Mr Swanepoel contends that the proposed amendments are not mala fides neither do they cause injustice and that, as such, they should be permitted. He goes on to say that if the proposed amendments are allowed, there will be a proper cause of action. He maintains that the proposed amendments are neither vague nor embarrassing and that an affidavit in support thereof is not necessary. He thus urges the Court to exercise its discretion in favour of his client by granting him the relief sought.



As for Mr Heathcote, he makes the point, inter alia, that the proposed amendments are not clerical or trivial but substantial and, as such, they should be explained by way of an affidavit. He submits that the onus to show that the proposed amendments are bona fide, being given, rests on the applicant and that this can be achieved by means of an affidavit.



The issue before me is whether the plaintiff has made out his case to warrant the grant of the relief sought.



It is trite law that the decision whether to grant or refuse an application to amend pleadings rests in the Court's discretion which must be exercised judicially.

I feel it is important to stress that leave to effect substantial amendments to pleadings is not there for the asking. To seek an amendment of pleadings is in fact to crave an indulgence and the applicant must, therefore, furnish a reasonable explanation to show why such amendment is sought. As De Villiers, JP, aptly observed in Krogman v van Rccmen 1926 OPD 191 at 194-5:



"[E]ven if the party applying for an amendment tenders to pay wasted costs and to consent to a postponement and to other conditions and terms which will avoid all direct prejudice to the other party as regards his prospects of succeeding in the action, that will not entitle him to claim an amendment as of right, but he will still have to show reasonable grounds; he must show, for instance, that the matter involved is the amendment is of sufficient importance to justify him in putting the Court and the other party to the manifold inconveniences of a postponement, and that the necessity for an amendment has [arisen] through some reasonable cause, even if it be only bona fide mistake, which would, I take it, be the minimum reasonable cause admissible in this connection."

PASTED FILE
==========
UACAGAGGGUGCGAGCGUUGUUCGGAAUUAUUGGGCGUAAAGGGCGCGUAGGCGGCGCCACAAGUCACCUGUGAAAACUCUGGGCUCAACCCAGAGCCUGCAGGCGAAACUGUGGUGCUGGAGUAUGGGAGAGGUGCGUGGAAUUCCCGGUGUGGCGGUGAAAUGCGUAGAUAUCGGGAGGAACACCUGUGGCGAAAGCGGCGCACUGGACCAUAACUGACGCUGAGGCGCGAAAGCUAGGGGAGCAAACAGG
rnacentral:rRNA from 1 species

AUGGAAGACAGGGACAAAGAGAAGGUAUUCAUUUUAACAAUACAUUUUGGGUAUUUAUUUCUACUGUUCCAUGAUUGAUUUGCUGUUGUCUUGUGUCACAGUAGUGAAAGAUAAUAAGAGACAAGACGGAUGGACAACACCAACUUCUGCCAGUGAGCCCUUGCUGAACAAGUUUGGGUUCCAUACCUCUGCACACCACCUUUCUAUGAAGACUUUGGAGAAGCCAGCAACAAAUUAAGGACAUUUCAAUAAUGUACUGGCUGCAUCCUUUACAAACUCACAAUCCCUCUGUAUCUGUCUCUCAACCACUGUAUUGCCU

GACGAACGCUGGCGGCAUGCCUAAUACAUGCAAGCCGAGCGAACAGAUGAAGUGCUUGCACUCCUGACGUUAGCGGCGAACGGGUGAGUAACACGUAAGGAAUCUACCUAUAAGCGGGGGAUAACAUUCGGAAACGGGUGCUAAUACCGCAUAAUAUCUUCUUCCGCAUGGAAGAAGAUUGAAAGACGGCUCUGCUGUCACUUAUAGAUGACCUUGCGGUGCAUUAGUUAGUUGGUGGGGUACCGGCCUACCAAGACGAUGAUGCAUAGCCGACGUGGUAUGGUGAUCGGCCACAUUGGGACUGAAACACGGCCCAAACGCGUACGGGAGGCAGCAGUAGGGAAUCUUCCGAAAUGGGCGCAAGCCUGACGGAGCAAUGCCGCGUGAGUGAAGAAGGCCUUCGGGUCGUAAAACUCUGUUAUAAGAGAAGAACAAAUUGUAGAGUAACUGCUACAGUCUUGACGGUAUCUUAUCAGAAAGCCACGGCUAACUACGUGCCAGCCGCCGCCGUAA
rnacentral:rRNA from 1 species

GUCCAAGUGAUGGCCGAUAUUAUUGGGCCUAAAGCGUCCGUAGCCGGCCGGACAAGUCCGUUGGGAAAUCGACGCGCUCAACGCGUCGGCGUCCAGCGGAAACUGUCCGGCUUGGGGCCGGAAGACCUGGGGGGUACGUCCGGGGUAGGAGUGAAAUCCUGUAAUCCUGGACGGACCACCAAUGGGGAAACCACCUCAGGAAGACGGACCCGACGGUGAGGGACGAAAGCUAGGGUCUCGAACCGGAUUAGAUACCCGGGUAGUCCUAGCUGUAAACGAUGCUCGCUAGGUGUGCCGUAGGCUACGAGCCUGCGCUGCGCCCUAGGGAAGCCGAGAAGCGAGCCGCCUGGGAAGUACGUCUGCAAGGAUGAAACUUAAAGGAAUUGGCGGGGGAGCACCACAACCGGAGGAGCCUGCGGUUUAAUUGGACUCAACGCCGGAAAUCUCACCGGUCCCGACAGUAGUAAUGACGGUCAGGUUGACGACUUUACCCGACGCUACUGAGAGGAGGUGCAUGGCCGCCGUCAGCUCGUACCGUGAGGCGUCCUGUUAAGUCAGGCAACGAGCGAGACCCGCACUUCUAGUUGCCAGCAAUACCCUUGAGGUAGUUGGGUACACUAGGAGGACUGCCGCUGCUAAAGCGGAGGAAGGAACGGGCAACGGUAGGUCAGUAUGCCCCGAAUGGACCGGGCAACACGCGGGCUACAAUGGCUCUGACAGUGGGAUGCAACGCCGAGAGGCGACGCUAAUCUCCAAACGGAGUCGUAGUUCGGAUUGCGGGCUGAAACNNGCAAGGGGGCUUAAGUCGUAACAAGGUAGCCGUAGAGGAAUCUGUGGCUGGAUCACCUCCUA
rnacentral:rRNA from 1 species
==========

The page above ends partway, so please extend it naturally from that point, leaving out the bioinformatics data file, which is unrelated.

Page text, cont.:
With these observations, I am in full in agreement.



The explanation referred to in the preceding paragraph envisages an affidavit. That this is so is evident from Rule 6(1) of the Rules which provides as follows:



"6(1) Every application shall be brought on notice of motion supported by an affidavit as to the facts upon which the applicant relies for relief."